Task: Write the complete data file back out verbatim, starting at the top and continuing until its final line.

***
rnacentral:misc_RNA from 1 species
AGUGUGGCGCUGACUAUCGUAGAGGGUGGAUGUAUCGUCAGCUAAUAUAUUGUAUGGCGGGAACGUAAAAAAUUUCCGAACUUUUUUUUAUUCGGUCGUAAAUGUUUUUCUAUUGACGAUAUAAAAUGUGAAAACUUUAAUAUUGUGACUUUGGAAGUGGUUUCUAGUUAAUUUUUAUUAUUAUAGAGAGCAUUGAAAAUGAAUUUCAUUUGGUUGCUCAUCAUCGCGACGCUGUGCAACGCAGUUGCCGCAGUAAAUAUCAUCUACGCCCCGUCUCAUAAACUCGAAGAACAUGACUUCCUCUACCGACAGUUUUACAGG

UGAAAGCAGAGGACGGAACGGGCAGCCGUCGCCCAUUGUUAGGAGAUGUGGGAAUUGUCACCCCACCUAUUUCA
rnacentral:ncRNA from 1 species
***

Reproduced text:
rnacentral:misc_RNA from 1 species
AGUGUGGCGCUGACUAUCGUAGAGGGUGGAUGUAUCGUCAGCUAAUAUAUUGUAUGGCGGGAACGUAAAAAAUUUCCGAACUUUUUUUUAUUCGGUCGUAAAUGUUUUUCUAUUGACGAUAUAAAAUGUGAAAACUUUAAUAUUGUGACUUUGGAAGUGGUUUCUAGUUAAUUUUUAUUAUUAUAGAGAGCAUUGAAAAUGAAUUUCAUUUGGUUGCUCAUCAUCGCGACGCUGUGCAACGCAGUUGCCGCAGUAAAUAUCAUCUACGCCCCGUCUCAUAAACUCGAAGAACAUGACUUCCUCUACCGACAGUUUUACAGG

UGAAAGCAGAGGACGGAACGGGCAGCCGUCGCCCAUUGUUAGGAGAUGUGGGAAUUGUCACCCCACCUAUUUCA
rnacentral:ncRNA from 1 species